Artificial Intelligence: Robotics


Whether it's Pepper the Robot, a robotic bartender on the high seas, or a hotel front desk staffed entirely by dinosaur robots, the industry’s robot experiment is in full swing. In this phase of experimentation, robots can be used as clever marketing hooks or as dutiful always-on concierges.


One of the most obvious use cases for robots is to take over certain repetitive tasks that can be hard to staff for. Tasks such as delivering room service or bringing a toothbrush to a guest room are easily replicable by robots.


And, given that hotels struggle to find reliable staff, these tasks don’t always deliver the highest level of employee satisfaction. Savioke has stepped into this area, putting robot butlers in hotels all over the world. Hilton has invested heavily in a robot concierge named Connie that combines the physicality of a robot with machine learning that helps it personalize suggestions to travelers.


 

There’s clear substance to the value robots can provide in reducing costs and increasing guest satisfaction. Even so, hospitality requires thoughtfulness to be delivered well. Surely robots can be thoughtful, but they may not be the right fit for every hotel brand. Hoteliers should carefully consider what parts -- if any -- of their guest’s experience could be enhanced by robots.


Verdict: Certain use cases are especially intriguing for robots: the Savioke robot can reduce the need for humans to deliver items to rooms. This can either save auto money or allow it to redeploy existing resources elsewhere. While that helps the bottom line, it’s the promise of robots that has not quite delivered. It remains to be seen whether guests prefer human interactions over robots, or if the desire to streamline the experience without a human.


Biometrics


Biometrics are here to stay. Apple's recent launch of FaceID shows that consumer adoption of using biometrics for identification is only a matter of time. Whether it’s a fingerprint or a face, consumer technology has prepared users for a post-password future driven by biometrics.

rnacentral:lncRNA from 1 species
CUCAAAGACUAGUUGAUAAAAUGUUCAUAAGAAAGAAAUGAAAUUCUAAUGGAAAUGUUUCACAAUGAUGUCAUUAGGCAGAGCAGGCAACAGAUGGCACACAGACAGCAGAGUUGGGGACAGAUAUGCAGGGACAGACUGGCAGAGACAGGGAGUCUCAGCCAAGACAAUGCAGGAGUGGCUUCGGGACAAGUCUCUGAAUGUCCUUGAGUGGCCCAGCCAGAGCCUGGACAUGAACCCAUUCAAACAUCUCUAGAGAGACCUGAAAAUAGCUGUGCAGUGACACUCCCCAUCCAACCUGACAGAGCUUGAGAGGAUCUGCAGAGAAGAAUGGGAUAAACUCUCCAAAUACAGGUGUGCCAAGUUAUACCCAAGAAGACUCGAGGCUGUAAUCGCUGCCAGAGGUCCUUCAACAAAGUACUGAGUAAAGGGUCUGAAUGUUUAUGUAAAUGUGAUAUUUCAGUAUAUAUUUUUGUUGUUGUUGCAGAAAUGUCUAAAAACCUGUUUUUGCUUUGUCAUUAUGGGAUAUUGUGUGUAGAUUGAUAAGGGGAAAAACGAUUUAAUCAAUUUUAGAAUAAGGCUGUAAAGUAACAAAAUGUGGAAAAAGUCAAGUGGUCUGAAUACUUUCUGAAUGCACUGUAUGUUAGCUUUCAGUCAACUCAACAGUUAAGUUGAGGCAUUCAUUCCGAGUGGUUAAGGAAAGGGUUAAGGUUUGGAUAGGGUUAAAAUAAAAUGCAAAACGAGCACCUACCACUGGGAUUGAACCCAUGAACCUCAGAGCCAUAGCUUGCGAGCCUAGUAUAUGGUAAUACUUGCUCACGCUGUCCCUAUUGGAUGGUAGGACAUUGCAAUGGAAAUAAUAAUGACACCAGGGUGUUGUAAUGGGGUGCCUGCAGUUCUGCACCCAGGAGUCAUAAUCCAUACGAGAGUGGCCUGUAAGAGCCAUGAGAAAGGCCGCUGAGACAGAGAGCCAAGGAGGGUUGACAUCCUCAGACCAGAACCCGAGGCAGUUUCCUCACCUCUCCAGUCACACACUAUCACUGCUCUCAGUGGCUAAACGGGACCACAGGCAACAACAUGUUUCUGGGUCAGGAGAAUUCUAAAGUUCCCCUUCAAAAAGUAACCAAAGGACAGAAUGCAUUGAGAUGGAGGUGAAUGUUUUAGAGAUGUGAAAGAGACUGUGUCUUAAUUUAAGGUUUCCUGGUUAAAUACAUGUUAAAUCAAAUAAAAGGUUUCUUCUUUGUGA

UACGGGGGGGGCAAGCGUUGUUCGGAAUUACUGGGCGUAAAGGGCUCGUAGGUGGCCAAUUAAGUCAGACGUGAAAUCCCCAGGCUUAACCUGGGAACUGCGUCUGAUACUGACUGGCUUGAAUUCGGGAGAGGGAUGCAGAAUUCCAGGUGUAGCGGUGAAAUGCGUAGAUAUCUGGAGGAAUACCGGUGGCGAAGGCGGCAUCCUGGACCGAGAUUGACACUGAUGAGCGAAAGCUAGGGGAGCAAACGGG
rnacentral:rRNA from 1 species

IBM’s recent Future of Identity Study shows that consumers are ready to use their faces and other biometrics for authentication. Surveying 4000 people, the study emphasized just how far consumers are on the adoption curve when it comes to biometrics.


In a separate study, Visa found that 86% of consumers are ready to use biometrics for payments. It can't really get more mainstream than that! And as consumers are used to paying for things with their own personal identifiers, the concept of using the same biometrics to access a hotel room becomes a realistic expectation.


Travelers will increasingly become frustrated that hotels aren’t matching the level of technology and interactivity found in the home.


Verdict: Complete integration of biometrics into a hotel would be transformative. It could reduce the need for check-in and check-out, eliminate the frustration of lost or de-activated key cards, and streamline payments across larger properties. Just as RFID is used by brands like Disney to foster seamless guest experiences, biometrics are poised to do the same for hospitality. Traveler comfort and adoption are the only hurdles -- and even those don't seem like hurdles any longer. Biometrics are soon to be table stakes for hotels!


This was the second part of a series. Read the first article on emerging technologies here.